American Community Survey vs. Decennial Census: What’s the Difference

Photo by timothy muza on Unsplash

This post explains the differences between the American Community Survey (ACS) and the Decennial Census and how those differences will impact your work.

Background: Long Form and Short Form

Remember back to the Census 2000 when some people were complaining about the Census form taking forever to fill out? Well, those people received the Census 2000 Long Form which was sent to about 18 million households and collected detailed demographic, economic and housing data. The rest of the US households received the simple Census 2000 Short Form, which was used to count the population and collect basic demographic data. So for the Census 2000, 2 forms were used: the Long Form and the Short Form.

Fast-forward to the Census 2010. The Census 2010 did not use the Long Form, only the Short Form. Enter the ACS. The American Community Survey (ACS) is an annual demographic survey of the United States. It provides the detailed demographic, economic and housing data that was once supplied by the Decennal Census Long Form.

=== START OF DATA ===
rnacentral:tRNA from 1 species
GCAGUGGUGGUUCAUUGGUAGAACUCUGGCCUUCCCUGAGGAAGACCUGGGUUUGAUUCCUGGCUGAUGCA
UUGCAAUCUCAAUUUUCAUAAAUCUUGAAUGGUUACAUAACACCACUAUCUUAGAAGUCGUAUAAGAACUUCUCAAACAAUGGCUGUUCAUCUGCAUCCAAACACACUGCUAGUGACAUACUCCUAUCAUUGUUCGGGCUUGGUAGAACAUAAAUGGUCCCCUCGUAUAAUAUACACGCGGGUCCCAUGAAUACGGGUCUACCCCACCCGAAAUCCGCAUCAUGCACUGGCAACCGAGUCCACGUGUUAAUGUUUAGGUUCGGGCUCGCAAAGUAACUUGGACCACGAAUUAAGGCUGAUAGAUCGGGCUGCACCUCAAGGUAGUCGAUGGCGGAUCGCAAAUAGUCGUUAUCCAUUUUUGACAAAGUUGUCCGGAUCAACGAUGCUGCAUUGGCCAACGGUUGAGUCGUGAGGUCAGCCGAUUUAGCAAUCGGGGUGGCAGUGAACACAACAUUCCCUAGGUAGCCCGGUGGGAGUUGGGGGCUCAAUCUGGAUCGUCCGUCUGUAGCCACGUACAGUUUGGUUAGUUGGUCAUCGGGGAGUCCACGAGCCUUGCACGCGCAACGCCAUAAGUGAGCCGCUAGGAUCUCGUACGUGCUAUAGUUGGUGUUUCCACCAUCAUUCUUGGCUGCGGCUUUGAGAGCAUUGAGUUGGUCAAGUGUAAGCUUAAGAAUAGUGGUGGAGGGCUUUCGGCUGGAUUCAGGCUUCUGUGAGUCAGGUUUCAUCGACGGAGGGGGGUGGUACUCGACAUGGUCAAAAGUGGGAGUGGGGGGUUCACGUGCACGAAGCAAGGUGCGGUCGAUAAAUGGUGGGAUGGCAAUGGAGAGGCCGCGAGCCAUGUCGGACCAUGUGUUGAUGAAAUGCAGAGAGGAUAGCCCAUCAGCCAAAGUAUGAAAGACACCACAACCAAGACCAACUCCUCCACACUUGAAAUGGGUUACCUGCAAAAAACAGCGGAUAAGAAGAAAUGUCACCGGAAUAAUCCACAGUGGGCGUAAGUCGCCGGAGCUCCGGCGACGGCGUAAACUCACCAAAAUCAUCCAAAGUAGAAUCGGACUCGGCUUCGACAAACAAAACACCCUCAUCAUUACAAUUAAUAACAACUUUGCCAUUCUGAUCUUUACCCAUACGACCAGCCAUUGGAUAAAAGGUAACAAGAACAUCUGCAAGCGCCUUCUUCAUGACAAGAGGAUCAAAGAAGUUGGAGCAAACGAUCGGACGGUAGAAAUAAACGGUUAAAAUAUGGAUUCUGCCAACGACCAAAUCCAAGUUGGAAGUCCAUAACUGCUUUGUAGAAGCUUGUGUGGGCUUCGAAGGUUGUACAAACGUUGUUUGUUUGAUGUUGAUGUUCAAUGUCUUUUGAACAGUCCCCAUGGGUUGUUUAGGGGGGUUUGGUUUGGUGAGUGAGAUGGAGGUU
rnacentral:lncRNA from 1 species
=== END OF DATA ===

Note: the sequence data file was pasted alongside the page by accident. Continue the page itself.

2000 2010
Count + Basic Data Short Form Census 2010
Detailed Data Long Form ACS 5 year estimates

However, the ACS is only sent to 3 million households each year, a statistically small sample especially when compared to the Census 2000 Long Form which was sent to 18 million households in 1 year. So to produce the detailed demographic data, the ACS combines data from several years to produce multi-year estimates. For example, the ACS combines data collected from 2006 + 2007 + 2008 to get 3-year ACS estimates for geographies with at least 20,000 persons. ACS 5 year estimates, which will be out in December 2010, will provide data for geographies with fewer than 20,000 persons.

Similar Data; Different Methodologies & Format

The ACS and the Decennial Census provide the same types of data data–that is, demographic, economic and housing data for the US. However, the methodology of these 2 tools differs greatly.

ACS Decennial Census
What is





Count of the






Counts characteristics for a SPECIFIC DATE
How Often

Every 1 year

(more timely)

Every 10 years (less




11 million households over 5 years

18 million households

in 1 year

Sampling Error

Higher Error (1.75


higher than Census


Lower Error
Accuracy Less Accurate More Accurate

*[Revised: this information (and much of the blog post) is based on the Census Bureau’s Brian McKenzie’s awesome presentation here]

To sum up the table above, the ACS more timely but less accurate than the Decennial Census, because the data is collected over a series of years (instead of just 1 year), and fewer households are surveyed.